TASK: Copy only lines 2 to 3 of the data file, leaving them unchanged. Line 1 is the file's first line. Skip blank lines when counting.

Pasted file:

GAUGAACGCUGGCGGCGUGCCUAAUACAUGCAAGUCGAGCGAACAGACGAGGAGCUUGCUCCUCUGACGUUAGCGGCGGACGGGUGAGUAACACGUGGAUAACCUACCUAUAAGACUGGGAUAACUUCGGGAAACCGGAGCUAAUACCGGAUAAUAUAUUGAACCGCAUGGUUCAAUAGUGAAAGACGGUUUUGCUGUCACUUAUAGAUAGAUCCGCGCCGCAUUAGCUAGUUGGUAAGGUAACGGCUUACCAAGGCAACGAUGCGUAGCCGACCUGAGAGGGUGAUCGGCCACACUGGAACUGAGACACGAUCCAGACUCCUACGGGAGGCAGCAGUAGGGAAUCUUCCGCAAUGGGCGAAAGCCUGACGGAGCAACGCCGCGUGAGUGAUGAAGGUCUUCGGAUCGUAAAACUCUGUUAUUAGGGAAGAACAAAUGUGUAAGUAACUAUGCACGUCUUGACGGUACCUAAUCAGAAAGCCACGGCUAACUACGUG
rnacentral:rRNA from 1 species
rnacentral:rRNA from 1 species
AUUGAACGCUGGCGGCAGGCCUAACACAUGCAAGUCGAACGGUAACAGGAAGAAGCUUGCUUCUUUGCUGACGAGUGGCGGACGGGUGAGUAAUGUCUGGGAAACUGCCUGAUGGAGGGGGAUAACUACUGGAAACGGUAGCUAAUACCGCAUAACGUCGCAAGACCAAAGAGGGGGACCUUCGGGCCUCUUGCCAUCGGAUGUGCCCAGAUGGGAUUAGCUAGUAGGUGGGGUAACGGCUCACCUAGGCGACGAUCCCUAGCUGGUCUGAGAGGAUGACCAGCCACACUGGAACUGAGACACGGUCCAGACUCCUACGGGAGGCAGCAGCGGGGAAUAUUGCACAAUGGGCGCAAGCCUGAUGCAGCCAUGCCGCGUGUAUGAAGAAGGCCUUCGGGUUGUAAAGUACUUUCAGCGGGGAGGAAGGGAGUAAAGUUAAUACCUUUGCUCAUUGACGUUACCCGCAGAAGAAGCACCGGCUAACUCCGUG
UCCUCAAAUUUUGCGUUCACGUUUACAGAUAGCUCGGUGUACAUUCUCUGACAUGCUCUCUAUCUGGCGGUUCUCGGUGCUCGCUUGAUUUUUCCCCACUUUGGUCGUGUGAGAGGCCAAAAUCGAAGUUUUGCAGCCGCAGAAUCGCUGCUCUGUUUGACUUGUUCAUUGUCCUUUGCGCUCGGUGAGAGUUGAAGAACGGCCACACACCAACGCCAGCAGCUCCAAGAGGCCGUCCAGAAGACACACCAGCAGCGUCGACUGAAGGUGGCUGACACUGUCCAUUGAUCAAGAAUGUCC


rnacentral:rRNA from 1 species
rnacentral:rRNA from 1 species